State announces proposals to inventory greenhouse gases and reduce emissions

Contact: Andrew Bare, 720-425-2736 (mobile),
DENVER (Feb. 20): Officials from the Colorado Department of Public Health and Environment are following through on newly enacted laws that position Colorado to lead the nation on pursuing actions to reverse the impacts of climate change.

State officials presented the latest series of proposed rules at today’s meeting of the Air Quality Control Commission. The proposals consist of (1) a rule laying out how the state will require emitters to report greenhouse gases; and (2) a rule to reduce hydrofluorocarbons, a group of potent greenhouse gases. The commission scheduled a formal rulemaking on the proposals for May 21.

Today’s proposals add to an aggressive portfolio of strategies to reduce greenhouse gases. Within the past year, the department has also:
  • Adopted a zero-emission vehicle standard that requires automakers to sell more than 5 percent zero-emission vehicles by 2023 and more than 6 percent zero-emission vehicles by 2025. The standard expands consumer choice, providing greater access to electric vehicles.
  • Adopted the first phase of air quality rules to reduce oil and gas emissions, as per SB 19-181. The rules require, in part, oil and gas facilities to track methane emissions, conduct robust leak detection and repair, and reduce emissions from storage tanks and pressure valves. The department will propose additional rules to minimize emissions from oil and gas operations later this year.
  • Formed the first-ever Climate Change Unit, dedicated to reducing greenhouse gases throughout Colorado.
  • Participated in planning for electric utilities to substantially reduce emissions, as per SB 19-236.
“About a year ago, Governor Polis gave us the directive to be bold in protecting the health of our communities and the Colorado environment by reducing greenhouse gases, and we have been running with that directive,” said Jill Hunsaker Ryan, executive director, Colorado Department of Public Health and Environment. “The department has adopted a car emissions standard to speed up the transition from fossil fueled vehicles to zero-emitting electric vehicles; we have formed the first-ever climate change unit at the department; we have enacted an initial round of rules to reduce oil and gas emissions under the new law; and we are helping electric utilities plan for the market-driven transition from coal power to renewable energy. There is great momentum to reduce emissions that lead to climate change, and we certainly built on that today by laying the groundwork for revamping the statewide greenhouse gas inventory in order to set reduction targets-- and moving forward on a rule to reduce some of the most potent greenhouse gases out there.”

Today’s proposed emissions reporting rule would fill gaps in the federal government’s reporting regime and provide Colorado with additional and higher-quality data for greenhouse gas emissions inventories. These data will better inform projections, as well as prioritize and evaluate ways to reduce emissions.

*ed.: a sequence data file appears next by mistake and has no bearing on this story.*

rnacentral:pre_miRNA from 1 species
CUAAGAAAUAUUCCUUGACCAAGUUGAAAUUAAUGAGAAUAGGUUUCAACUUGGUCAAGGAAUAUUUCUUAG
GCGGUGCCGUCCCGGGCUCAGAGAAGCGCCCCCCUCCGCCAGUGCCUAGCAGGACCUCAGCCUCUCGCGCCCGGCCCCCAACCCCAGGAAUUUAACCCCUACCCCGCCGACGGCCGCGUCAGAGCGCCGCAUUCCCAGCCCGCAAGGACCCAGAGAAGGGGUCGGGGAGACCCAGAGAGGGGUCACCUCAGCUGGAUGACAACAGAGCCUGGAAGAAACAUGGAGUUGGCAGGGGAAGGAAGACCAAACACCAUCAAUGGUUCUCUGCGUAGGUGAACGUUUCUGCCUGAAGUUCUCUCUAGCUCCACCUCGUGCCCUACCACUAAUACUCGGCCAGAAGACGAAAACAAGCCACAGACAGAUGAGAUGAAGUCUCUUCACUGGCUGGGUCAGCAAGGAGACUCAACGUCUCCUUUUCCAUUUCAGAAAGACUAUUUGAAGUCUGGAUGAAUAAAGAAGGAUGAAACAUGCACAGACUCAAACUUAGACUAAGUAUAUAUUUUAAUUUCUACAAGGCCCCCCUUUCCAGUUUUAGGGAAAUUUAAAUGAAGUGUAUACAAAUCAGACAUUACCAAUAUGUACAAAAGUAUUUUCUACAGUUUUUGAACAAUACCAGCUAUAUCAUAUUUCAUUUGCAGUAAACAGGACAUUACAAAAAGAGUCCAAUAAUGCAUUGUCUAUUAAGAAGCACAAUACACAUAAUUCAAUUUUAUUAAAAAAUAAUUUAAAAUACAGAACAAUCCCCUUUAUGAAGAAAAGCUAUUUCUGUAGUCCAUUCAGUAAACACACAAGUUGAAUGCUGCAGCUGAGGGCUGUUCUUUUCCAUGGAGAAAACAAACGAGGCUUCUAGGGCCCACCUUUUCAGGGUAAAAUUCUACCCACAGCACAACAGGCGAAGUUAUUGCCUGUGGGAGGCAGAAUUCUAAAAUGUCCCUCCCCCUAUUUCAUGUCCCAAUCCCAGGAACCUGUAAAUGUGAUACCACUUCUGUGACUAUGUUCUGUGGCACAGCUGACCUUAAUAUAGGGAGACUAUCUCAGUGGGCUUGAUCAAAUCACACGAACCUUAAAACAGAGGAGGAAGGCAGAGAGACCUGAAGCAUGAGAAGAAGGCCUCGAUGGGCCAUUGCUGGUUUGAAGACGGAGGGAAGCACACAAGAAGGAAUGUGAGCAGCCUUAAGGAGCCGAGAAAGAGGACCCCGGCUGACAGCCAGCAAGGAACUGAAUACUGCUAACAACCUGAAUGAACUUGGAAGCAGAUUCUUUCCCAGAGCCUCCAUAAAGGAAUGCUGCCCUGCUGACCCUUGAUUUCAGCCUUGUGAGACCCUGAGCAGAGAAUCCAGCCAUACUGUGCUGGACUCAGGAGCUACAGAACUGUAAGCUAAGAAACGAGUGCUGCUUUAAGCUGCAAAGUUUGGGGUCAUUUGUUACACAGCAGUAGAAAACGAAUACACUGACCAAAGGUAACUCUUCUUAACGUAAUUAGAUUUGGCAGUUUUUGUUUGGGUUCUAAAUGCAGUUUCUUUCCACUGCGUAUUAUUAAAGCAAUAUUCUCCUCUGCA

Several categories of polluters, including industrial solid waste landfills, industrial wastewater treatment facilities, active underground coal mines, local fuel distribution companies and importers and exporters of natural gas, petroleum and coal-based liquid fuels, would be required to report their greenhouse gas emissions regardless of the amount emitted. This adds to the mandatory requirements for oil and gas producers approved by the Air Quality Control Commission in December.
“We are driven to meet our goals to reduce greenhouse gas emissions, and to do so, we need to know our starting point. We have to ask the challenging questions and problem solve. We’re revamping our greenhouse gas inventory, and we will be able to answer questions with more precision and develop strategies that are informed by that data,” said Clay Clarke, head of the department’s newly formed Climate Change Unit.

Today’s rule on hydrofluorocarbons would phase out the use of the compounds in aerosol propellants, chillers, foam, and stationary refrigeration. It’s based on a model rule drafted by the U.S. Climate Alliance, of which Colorado is a part. The state would become the first in the country to adopt the model rule and the second state to develop hydrofluorocarbon rules.  

An analysis conducted by the division estimates that the new rule would reduce hydrofluorocarbon emissions by a carbon dioxide equivalent of 6.3 million metric tons by 2030.  

Hydrofluorocarbons are commonly used in refrigeration equipment, air conditioners, foam insulation and rigid foam products, and aerosol propellants. They’re also among the fastest-growing greenhouse gases in the world, increasing 10-15 percent annually, and division officials warned the commission that continued growth in hydrofluorocarbons usage could cancel out reductions in other greenhouse gases.

“We cannot wait for the federal government to act on hydrofluorocarbons, or anything else for that matter,” said John Putnam, director of environmental operations for the Colorado Department of Public Health and Environment. “Colorado can’t solve the global climate crisis on its own, but we certainly must lead by example, and that’s what we’re doing. We’ve already seen other states take notice of the progress that we’re making on oil and gas regulations, electric utilities, and now hydrofluorocarbons.”

The proposed rule is the product of extensive engagement with stakeholders, including public meetings in Glenwood Springs and Denver.

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